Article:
Reddit, Gab, Periscope, WhatsApp, WeChat, KakaoTalk, Instagram—all of these sites or applications, and hundreds of others like them, are social networking services or social media. Virtual reality and augmented reality are, similarly, immersive media tools. All of these function as communication technologies. They are vessels for spreading information. The idea that any of these technologies, or any of the artificial intelligence or machine-learning (ML) capabilities that underpin them, can be weaponized exaggerates fear about pieces of code while overlooking the human role in uses of technology for purposes neutral, good, or evil.

Tools are not sentient—they do not act on their own. There is always a person behind a Twitter bot, a designer behind a VR game. A bot is just a way of automating and scaling what a human does online. Social media websites were designed by the Mark Zuckerbergs and Jack Dorseys of the world in order to connect people and, in so doing, make money. Many people, and not just their creators, thought that these new platforms would be phenomenal tools for advancing democracy. They would allow activists in Egypt to communicate about a revolution against an authoritarian regime. They would facilitate organization between journalists breaking a story on global rings of corruption. But—and here lies the failure of these platforms and those who are supposed to regulate them—they could also be used to control people, to harass them, and to silence them.

It is not just governments that have figured this out. Well-resourced actors, including politicos and corporations, special interest groups, intelligence agencies, and wealthy individuals, also use social media in attempts to manipulate not only what we read, see, hear, and watch online but also how we feel and what we believe. It is undoubtedly people with access to lots of money, time, and know-how who use social media most successfully to influence politics and social life. They’re also the ones who are best able to manipulate the variety of emergent technologies, from deepfake videos to deep learning (DL), for their own selfish means and ends. But regular people and small far-right and far-left political groups have also figured out how to game trends on Twitter and control conversations on Facebook to achieve their own goals. There has been an opening up of who can sway public opinion and how they can do it.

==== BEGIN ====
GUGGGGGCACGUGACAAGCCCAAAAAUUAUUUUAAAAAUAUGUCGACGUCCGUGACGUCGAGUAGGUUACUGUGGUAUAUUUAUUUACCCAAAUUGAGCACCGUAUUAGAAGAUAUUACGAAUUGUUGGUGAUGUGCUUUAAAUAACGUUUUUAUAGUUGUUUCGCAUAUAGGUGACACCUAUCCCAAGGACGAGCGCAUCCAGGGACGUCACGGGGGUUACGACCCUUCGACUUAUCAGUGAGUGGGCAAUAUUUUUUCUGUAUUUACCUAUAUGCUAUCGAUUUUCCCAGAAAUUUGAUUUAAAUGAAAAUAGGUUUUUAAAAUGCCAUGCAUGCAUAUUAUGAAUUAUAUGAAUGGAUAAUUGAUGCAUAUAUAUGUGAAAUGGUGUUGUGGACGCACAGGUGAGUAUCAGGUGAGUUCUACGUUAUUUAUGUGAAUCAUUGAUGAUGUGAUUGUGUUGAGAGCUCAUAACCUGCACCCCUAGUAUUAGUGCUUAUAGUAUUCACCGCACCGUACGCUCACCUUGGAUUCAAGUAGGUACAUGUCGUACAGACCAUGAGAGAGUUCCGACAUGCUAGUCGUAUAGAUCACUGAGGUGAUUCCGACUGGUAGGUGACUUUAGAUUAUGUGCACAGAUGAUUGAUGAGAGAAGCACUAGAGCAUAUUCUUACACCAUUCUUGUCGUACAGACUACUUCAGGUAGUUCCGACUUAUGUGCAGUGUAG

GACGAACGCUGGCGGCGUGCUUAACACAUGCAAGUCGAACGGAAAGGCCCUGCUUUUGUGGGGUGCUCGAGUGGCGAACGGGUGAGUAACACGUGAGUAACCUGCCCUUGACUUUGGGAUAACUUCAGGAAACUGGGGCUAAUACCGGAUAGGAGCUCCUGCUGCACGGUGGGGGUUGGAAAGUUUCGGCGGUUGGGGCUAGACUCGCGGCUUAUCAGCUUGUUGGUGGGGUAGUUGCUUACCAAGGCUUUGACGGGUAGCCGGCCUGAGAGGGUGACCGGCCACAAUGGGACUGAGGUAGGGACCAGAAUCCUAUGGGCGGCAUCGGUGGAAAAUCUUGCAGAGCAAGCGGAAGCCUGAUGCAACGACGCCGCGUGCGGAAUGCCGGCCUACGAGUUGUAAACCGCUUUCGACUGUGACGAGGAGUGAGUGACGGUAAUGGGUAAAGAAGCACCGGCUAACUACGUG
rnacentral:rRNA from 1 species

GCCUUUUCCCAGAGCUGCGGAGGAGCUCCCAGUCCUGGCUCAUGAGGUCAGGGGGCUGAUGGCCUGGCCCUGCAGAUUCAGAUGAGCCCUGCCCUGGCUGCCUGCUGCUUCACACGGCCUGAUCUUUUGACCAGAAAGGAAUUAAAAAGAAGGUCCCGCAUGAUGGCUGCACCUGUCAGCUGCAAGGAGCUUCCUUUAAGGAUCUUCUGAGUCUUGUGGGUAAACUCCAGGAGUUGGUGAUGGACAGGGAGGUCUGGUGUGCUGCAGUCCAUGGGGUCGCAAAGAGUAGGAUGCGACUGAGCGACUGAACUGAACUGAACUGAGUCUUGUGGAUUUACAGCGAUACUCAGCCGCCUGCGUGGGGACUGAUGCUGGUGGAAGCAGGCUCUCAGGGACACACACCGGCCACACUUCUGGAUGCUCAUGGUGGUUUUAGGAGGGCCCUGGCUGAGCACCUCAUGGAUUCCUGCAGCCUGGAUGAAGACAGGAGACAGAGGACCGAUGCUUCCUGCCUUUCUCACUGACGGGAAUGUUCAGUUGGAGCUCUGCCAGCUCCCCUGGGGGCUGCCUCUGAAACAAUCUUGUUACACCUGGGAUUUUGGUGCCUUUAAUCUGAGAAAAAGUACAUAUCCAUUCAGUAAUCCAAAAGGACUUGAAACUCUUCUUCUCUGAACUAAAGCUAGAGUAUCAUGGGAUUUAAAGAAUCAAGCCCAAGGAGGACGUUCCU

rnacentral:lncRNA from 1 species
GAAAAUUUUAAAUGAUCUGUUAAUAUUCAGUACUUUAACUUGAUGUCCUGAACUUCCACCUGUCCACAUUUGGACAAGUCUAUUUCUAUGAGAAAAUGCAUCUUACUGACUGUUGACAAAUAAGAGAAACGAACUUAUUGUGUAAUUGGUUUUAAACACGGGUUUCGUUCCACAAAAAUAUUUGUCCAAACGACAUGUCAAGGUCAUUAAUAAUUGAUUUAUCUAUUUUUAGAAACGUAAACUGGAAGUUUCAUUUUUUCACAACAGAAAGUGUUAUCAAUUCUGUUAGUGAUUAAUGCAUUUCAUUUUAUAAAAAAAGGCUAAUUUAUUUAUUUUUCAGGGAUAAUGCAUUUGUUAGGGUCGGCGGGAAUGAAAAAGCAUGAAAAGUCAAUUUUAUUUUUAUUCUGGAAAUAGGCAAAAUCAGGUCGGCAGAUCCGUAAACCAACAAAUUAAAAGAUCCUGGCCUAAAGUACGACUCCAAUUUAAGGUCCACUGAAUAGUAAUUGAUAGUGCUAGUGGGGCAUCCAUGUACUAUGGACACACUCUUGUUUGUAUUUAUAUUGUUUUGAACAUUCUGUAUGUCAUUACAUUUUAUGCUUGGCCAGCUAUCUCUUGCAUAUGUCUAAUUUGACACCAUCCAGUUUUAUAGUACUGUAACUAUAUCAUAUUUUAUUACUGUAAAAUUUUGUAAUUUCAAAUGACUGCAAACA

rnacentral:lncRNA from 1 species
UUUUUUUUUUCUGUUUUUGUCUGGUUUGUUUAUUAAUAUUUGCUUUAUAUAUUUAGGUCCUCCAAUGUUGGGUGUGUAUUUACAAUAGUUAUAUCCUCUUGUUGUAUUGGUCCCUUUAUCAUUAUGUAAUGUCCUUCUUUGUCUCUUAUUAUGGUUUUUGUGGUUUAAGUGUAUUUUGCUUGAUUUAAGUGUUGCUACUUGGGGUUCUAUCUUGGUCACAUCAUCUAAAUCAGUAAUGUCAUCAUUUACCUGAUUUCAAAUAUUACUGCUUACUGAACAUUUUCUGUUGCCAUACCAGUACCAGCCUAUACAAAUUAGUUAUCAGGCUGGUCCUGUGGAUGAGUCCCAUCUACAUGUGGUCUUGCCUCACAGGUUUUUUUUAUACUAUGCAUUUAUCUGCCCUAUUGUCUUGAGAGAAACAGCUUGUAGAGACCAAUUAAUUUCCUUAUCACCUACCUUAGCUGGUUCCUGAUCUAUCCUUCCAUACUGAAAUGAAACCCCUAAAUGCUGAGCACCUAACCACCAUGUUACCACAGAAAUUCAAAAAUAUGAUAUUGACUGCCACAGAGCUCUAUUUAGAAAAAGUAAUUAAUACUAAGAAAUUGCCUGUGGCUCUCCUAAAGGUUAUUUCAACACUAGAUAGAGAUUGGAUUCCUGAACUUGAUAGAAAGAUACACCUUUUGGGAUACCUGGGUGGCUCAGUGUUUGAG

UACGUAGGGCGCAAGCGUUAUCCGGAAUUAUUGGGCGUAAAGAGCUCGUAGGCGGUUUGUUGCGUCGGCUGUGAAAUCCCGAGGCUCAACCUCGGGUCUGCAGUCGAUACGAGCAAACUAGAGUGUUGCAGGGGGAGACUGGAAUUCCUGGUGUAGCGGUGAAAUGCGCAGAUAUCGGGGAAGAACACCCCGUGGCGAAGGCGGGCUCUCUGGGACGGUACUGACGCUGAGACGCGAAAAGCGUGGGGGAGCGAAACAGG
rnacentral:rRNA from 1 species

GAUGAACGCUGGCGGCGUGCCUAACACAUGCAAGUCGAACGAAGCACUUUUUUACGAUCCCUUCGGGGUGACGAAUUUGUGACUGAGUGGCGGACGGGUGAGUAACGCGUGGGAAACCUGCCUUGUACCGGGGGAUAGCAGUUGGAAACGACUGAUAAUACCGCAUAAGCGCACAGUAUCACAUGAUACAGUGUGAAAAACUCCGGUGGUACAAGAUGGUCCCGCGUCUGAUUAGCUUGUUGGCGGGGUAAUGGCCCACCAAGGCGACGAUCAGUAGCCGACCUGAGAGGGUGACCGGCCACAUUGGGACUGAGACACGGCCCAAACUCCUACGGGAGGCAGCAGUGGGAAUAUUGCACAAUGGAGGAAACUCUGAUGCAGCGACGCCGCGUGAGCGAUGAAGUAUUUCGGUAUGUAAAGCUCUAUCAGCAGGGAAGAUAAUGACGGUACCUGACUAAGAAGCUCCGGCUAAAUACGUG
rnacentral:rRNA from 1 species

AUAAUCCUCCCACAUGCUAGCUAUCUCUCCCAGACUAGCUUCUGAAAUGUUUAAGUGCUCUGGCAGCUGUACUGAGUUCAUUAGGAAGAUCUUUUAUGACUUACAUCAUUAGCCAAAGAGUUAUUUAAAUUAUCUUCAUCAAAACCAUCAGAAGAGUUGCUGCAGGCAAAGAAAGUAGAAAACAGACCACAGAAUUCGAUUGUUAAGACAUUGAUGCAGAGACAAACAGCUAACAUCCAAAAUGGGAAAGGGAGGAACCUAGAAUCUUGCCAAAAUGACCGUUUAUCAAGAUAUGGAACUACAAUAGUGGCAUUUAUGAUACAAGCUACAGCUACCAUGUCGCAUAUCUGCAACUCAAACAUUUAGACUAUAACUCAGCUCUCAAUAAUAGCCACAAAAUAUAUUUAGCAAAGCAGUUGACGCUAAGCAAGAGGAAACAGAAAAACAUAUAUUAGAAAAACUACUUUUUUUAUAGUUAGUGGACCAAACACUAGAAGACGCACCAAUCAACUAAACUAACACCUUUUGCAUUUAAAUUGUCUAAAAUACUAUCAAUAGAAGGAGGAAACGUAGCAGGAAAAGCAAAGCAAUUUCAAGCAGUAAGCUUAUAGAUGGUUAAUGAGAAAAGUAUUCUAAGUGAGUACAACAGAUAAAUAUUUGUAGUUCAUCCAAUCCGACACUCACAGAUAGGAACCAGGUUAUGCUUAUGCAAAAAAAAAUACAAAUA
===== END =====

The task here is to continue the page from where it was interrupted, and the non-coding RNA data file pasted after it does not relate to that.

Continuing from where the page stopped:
We need to act now to prevent the misuse of tomorrow’s technology. This books walks through the past, present, and future of how computer- and internet-based tools are used to undermine reality and the truth. There are lots of stories in here about how we got to where we are, but there are also many stories about things that aren’t yet in the news, that have not yet provoked a congressional hearing. There is also serious discussion about the potential problems posed by the use of new and future tools—alongside proposed solutions to these problems.

This book does not paint a doom-and-gloom picture of our technological world. It isn’t a treatise on how technology companies screwed up or on how the addiction to social media of one particularly egotistical politician changed history. I talk about these things, but I focus much more on a variety of new media technologies and what we can do to ensure that they are used to build up the tenets of democracy rather than undermine them. This book takes an informed and cautiously optimistic approach to addressing the problems at hand. The truth is not broken yet. But the next wave of technology will break the truth if we do not act.

We live in a time when the quest to control reality has become something of a game, one mired in the ability to exploit the latest communication technologies in efforts to prioritize one notion of reality over another. That game is mostly played by the political elite and by disproportionately vocal extremist groups. We do not, however, have to play by their rules.

From Propaganda to Computational Propaganda

Jamal Khashoggi, the journalist murdered in late 2018 under extremely suspicious circumstances in the Saudi Arabian consulate in Istanbul, lived through the shift from the old world of propaganda to the new technological era of bending social reality. He, like other reporters around the world, saw Twitter and other social media networks become arenas for spreading the latest news and information. He and his colleagues also eventually realized that these tools were simultaneously being co-opted by governments—including Saudi Arabia—for their own Machiavellian purposes.

Khashoggi, publicly a cautious critic of Saudi policies, left his home country after experiencing a spate of harassment online and offline. Before leaving, he had been banned by the Saudi royal family from writing publicly or making media appearances.8 The government there, like many other governments around the globe, still worked to exert control over all forms of media, but the Saudi government had also broadened its propaganda horizons. Khashoggi was also told not to use Twitter. In exile, once he had taken up a position as a columnist for the Washington Post, he defied that directive. But his personal and professional life online, and consequently aspects of his offline life, became untenable. According to the New York Times, Khashoggi experienced an orchestrated and tireless social media trolling campaign in the months leading up to his murder.9 A team of Saudi “image makers” worked to defame and attack the journalist at every turn.

The trolls acted, according to the Times, at the behest of Saudi crown prince Mohammed bin Salman. Thousands of posts on Twitter targeted Khashoggi and his closest colleagues with vitriol and threats while simultaneously building up the Saudi government. Just before he was beaten and strangled to death, Khashoggi’s online life had—by all accounts—become a living hell. He could not log onto Twitter without being barraged with disinformation, harassment, and hate. After the journalist’s death, a similarly planned propaganda campaign worked to contradict allegations that the crown prince had ordered the killing. Armies of both bot-driven automated Twitter profiles and human-led accounts were instrumental in defaming and tearing down someone who, according to his friends and colleagues, was a tireless and fair-minded journalist.